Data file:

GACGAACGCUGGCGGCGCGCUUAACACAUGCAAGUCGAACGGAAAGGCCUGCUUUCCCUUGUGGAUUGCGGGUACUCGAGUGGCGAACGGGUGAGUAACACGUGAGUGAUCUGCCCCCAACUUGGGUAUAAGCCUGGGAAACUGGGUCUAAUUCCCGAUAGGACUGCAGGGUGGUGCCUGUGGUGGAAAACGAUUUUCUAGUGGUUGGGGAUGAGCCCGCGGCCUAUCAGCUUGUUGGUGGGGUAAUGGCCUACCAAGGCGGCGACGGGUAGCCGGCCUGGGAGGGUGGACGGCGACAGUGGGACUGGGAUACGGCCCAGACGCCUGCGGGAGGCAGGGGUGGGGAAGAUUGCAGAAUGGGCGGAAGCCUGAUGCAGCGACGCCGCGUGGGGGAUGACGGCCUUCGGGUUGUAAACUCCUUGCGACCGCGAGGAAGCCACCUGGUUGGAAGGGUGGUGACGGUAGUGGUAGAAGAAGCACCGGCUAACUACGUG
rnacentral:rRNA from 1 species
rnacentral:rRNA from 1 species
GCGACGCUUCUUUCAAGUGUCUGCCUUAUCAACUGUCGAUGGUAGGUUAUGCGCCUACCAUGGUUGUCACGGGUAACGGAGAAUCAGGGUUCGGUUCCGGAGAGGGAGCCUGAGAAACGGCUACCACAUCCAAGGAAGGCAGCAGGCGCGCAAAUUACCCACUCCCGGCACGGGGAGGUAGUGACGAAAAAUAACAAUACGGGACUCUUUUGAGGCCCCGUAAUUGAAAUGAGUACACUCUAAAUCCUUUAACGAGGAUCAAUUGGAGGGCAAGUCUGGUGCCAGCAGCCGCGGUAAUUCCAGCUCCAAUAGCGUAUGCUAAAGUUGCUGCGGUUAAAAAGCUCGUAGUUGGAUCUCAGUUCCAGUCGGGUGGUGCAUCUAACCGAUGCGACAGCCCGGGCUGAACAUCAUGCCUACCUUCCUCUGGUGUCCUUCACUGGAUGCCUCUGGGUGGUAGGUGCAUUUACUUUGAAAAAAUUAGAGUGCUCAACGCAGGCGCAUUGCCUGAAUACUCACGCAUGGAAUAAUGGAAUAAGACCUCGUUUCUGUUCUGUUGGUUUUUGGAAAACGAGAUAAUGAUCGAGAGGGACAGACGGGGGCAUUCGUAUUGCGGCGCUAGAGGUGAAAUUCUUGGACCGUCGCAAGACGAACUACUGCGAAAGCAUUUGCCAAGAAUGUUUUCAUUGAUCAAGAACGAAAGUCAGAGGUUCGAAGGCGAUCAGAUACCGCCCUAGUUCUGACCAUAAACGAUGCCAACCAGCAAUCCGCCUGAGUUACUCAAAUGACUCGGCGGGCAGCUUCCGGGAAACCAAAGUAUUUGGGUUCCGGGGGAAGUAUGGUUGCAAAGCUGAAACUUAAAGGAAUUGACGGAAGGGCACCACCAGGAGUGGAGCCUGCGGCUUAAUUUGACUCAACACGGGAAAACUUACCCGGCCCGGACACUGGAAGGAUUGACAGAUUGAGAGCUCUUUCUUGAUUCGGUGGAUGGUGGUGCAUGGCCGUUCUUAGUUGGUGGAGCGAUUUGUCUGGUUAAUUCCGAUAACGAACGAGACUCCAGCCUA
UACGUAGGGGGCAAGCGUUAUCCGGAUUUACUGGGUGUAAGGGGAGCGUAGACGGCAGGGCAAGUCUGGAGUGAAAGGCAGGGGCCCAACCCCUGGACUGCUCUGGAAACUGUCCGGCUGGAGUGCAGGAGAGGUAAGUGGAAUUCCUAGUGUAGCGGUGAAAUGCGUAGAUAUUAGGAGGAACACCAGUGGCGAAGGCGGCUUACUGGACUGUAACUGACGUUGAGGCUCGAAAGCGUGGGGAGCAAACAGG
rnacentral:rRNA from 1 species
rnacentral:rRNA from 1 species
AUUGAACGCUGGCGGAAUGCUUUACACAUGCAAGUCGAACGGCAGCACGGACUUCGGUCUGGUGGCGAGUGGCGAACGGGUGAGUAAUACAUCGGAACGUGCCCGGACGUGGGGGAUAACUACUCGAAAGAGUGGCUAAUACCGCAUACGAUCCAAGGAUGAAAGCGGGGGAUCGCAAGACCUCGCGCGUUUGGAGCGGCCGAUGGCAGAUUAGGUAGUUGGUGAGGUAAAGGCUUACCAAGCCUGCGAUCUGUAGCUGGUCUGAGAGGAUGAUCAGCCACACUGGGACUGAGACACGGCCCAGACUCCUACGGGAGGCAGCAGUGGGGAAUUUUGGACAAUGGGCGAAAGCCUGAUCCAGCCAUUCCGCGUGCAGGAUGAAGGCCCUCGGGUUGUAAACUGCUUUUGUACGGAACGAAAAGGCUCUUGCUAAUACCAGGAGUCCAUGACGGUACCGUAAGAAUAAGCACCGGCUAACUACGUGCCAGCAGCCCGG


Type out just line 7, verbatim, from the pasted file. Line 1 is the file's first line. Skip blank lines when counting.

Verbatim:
rnacentral:rRNA from 1 species